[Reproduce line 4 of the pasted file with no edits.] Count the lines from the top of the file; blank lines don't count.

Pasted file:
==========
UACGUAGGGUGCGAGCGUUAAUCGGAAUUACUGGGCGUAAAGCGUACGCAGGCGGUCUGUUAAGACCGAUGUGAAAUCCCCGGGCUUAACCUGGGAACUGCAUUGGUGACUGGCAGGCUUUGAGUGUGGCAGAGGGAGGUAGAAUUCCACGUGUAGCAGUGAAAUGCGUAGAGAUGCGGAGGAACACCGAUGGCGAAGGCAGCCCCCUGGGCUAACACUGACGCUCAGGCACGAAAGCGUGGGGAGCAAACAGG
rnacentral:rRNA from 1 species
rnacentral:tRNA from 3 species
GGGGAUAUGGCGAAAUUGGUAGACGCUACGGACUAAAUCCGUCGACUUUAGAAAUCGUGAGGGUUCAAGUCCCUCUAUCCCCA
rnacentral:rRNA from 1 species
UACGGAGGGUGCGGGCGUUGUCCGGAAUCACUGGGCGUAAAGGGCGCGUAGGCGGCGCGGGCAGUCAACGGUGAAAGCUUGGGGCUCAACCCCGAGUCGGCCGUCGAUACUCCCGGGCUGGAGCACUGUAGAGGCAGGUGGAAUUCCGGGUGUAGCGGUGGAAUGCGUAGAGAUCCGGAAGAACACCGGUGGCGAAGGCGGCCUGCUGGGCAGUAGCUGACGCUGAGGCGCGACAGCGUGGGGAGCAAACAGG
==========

GGGGAUAUGGCGAAAUUGGUAGACGCUACGGACUAAAUCCGUCGACUUUAGAAAUCGUGAGGGUUCAAGUCCCUCUAUCCCCA